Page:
As Obon has evolved over the centuries, it has come to include many other traditional festival aspects, including carnivals, games, and festival foods. Participants often wear traditional festival dress, including light summer kimonos known as yukata. Obon is typically considered to be a family-oriented holiday, with many people traveling from all over the country to return to their hometowns.

Traditions and Festivities

There are a variety of traditions and festivities surrounding Obon. These may vary from region to region and from family to family. Traditionally, people spend time cleaning their ancestors’ graves, and may also participate in dances, festivals, and more.

Toro Nagashi

Toro Nagashi are floating lanterns that are traditionally floated down a river that runs to the sea. These lanterns represent the spirits of ancestors, and are a symbolic way to celebrate loved ones and family members who have passed on. Each toro nagashi contains a small candle that illuminates the paper lanterns as they float downstream.

Bon Odori

Bon Odori is a traditional dance used to celebrate the Obon festival. While performances vary widely from region to region, the dance is traditionally accompanied by Japanese taiko drums and is performed by participants wearing yukata. Anyone is welcome to join in the dance, which often takes place in parks, temples, shrines, and other public places.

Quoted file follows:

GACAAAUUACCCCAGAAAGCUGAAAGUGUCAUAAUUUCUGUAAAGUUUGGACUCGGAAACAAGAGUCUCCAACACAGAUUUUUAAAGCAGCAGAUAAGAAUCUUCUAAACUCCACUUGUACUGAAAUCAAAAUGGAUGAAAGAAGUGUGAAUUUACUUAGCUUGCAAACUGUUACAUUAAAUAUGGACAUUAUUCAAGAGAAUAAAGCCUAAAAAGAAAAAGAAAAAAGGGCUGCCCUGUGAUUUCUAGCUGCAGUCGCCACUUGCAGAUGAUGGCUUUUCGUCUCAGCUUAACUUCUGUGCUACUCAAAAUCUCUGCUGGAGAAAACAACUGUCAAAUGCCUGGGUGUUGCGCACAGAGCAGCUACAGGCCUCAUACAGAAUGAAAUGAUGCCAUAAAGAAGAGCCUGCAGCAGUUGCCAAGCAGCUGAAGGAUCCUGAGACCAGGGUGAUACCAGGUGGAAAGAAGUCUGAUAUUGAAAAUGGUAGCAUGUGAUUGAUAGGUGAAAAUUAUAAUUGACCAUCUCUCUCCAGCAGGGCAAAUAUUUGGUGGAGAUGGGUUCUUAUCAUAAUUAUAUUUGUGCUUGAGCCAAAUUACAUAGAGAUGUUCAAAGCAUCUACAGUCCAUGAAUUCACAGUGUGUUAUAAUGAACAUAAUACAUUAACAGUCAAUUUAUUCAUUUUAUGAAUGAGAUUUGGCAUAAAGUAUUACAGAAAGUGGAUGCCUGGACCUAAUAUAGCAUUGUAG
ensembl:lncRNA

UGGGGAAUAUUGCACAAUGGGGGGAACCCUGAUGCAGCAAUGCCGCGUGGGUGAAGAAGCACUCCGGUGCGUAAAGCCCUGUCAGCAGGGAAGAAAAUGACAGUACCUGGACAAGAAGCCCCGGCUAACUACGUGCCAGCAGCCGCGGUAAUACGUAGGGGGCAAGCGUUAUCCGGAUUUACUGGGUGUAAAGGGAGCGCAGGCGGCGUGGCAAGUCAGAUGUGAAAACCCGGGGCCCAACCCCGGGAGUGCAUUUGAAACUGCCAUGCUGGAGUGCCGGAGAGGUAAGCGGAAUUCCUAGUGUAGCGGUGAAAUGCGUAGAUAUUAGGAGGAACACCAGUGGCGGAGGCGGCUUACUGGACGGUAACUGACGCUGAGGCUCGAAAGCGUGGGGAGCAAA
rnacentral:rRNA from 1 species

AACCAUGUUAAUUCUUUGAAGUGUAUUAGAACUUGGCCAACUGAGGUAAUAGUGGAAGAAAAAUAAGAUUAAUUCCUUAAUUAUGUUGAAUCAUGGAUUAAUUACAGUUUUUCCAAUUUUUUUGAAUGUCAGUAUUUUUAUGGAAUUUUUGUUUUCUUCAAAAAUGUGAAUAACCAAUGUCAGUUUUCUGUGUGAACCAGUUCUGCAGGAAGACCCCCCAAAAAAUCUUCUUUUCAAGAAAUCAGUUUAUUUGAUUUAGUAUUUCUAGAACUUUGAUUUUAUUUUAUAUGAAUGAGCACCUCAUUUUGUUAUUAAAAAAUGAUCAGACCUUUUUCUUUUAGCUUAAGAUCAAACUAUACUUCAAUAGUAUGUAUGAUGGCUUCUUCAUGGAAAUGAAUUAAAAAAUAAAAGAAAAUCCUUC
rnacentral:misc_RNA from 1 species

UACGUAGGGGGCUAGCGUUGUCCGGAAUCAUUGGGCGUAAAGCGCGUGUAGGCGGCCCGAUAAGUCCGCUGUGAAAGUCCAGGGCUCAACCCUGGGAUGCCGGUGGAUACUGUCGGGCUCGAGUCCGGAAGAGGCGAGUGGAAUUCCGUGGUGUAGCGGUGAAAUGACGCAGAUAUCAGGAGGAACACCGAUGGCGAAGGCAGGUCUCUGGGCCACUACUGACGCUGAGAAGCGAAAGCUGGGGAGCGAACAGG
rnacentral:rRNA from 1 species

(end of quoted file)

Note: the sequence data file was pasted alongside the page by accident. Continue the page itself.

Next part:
Places to Visit for Obon

Obon takes place in many different locations in Japan at various times throughout the year. Popular destinations to visit during Obon include Koyoto, Gujo, and Hokkaido, all of which can be accessed using the Japan Rail Pass. Obon represents a great opportunity for photography, celebration, and cultural immersion. If you’re looking to make the most of your experience of Obon while visiting Japan, you should consider renting pocket Wi-Fi to help you plan your trip and keep abreast of weather and festivity news.


Kyoto can be a great starting point for any visit to Japan as well as a destination for experiencing Obon. During Obon, Kyoto celebrates with the Kyoto Gozan Okuribi, also known as the Daimonji Festival. During this festival, huge bonfires are lit on the mountains surrounding Kyoto. These fires can be viewed from all over the city, and offer spectacular sights during the Obon festival.


Gujo, a town in Gifu prefecture, holds a renowned dance known as the Gujo Odori Festival each year. These dances draw thousands of tourists and visitors, and are performed each night from 8 p.m. until 5 a.m. These traditional dances have been passed down for over 400 years, and are a great way to experience Bon Odori.


Sapporo, the capital of the island of Hokkaido, is another great place to experience tradition Bon festivals and Japanese culture. While a smaller festival than some other Obon celebrations, this festival has preserved many traditional elements of the Obon celebration, including traditional Japanese songs and dances.